Back row: JB is Joseph Bruno born oct 1872 (son of John Baptist)

CW is Charlotte Wamego (daughter of JB beside her)

JB Jr I think is John Anthony Bruno born jul 1867

Aunt Belle D Bruno born abt 1885 (daughter of John Baptist)

Moses Bruno born 7 jun 1874 (son of John Baptist)

Middle row: Aunt Zoe born 20 apr 1843 (sister to John Baptist and daugther of Anthony Bruno and Julia)

Aunt Ellen Vieux wife of Joseph Bruno

Alec B son of joseph and ellen born 1912

Julia B born 1910 (daughter of joseph and ellen )

Mother? i am not sure who it is.

Grandma? not sure who this is either.

Lizabeth bruno, Aunty Mae’s baby, not sure where she fits

Great Grandma Bruno is Mary Rhodd (wife of John Baptist Bruno)

Great Grandpa Bruno is John Bruno (son of Anthony Bruno and Julia)

Front Row: Belles boy George, is George Lehman, Belle is the daughter of John Bruno and Mary Rhodd.

Louis Bruno is son of Joseph O and Ellen Vieux born 1907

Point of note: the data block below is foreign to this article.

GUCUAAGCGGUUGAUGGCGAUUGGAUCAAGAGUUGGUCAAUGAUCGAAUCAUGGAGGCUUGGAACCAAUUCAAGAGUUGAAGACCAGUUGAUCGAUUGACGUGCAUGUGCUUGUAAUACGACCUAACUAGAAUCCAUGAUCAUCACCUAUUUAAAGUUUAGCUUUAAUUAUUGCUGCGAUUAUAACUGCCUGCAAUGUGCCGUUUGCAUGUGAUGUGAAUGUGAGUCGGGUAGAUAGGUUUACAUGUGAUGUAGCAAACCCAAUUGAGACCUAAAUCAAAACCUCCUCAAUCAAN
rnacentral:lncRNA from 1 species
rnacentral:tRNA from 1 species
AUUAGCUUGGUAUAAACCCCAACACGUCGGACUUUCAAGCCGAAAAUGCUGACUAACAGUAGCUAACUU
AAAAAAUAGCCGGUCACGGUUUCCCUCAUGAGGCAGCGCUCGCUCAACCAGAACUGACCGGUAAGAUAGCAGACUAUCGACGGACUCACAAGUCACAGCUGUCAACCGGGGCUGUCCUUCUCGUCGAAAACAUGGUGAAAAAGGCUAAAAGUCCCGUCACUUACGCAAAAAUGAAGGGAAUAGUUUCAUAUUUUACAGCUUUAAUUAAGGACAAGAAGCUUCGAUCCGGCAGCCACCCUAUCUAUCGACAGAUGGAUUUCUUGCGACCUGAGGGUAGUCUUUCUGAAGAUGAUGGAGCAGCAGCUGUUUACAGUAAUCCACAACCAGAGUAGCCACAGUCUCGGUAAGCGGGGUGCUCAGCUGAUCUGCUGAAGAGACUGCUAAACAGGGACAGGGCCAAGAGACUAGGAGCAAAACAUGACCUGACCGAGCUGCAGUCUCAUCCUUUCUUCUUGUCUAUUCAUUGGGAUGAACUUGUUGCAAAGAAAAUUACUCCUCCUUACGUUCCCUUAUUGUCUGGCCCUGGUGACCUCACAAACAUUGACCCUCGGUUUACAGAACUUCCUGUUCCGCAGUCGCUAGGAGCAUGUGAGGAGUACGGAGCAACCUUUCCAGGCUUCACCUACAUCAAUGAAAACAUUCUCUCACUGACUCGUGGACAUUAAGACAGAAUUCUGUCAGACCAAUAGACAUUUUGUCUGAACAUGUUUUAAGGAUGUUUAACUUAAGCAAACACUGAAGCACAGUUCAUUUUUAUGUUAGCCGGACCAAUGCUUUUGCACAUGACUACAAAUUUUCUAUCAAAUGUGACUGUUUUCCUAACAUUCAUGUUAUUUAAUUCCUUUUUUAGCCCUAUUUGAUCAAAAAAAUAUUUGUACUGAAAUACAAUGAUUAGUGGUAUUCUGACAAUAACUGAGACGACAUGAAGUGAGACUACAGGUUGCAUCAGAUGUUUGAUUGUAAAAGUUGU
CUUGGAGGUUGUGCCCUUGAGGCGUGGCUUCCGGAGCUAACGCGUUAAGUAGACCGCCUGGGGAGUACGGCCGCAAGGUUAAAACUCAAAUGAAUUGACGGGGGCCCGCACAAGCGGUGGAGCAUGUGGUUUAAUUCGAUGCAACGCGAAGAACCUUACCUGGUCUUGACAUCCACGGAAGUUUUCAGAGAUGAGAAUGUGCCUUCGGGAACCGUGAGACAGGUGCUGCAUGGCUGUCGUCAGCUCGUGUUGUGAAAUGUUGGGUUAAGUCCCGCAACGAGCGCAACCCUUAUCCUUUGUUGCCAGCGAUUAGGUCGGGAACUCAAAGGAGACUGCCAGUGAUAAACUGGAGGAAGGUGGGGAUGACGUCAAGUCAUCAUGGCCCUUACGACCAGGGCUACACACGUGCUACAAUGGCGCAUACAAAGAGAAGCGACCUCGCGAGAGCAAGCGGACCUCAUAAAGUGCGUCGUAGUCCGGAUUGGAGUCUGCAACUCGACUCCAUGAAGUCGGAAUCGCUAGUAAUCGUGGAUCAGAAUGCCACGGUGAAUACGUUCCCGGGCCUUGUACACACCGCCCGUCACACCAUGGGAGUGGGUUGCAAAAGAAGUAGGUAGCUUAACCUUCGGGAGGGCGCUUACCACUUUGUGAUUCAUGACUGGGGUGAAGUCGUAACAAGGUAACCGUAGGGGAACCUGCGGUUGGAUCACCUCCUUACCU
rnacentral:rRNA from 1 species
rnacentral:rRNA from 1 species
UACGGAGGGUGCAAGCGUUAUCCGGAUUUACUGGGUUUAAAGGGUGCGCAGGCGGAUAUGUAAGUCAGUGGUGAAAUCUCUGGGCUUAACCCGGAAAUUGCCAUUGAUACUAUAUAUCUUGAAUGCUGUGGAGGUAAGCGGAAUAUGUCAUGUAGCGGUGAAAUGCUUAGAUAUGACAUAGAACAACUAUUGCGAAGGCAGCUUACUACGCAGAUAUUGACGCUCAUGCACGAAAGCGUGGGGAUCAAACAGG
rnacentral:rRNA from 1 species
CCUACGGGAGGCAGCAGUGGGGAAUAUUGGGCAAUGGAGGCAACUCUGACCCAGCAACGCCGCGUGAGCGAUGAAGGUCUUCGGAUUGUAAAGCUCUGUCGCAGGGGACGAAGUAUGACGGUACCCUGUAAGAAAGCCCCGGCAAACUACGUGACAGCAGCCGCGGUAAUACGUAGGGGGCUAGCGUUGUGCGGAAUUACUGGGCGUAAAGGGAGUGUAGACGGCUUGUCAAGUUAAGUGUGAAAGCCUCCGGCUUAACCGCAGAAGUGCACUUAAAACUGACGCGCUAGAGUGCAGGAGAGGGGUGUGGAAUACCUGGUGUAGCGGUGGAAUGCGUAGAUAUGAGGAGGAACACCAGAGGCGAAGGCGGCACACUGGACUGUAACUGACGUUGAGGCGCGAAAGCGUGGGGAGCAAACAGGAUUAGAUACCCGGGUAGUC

John or Jacob, not sure which one this is, I think it might be Jacob bruno son of Joseph O and Ellen Vieux, born 1904. He is definatly older than louis.

Luther Bruno, born 1907 as well.

After Anthony and Julia had 3 children, Anthony married Lydia Elizabeth Palmer. You will see photo’s above of John and Zoe but I have not found one of the third child Julia. If you have a photo please let me know.

This entry was posted on Friday, February 13th, 2004 at 5:55 pm and is filed under Bruno. You can follow any responses to this entry through the RSS 2.0 feed. Both comments and pings are currently closed.

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Zoa (Zoe, Zoie) Rhodd's Timeline

1843
April 20, 1843
Kansas
1872
1872
Age 28
1880
November 22, 1880
Age 37
OK, USA
1936
March 6, 1936
Age 92
????
Sacred Heart, OK, USA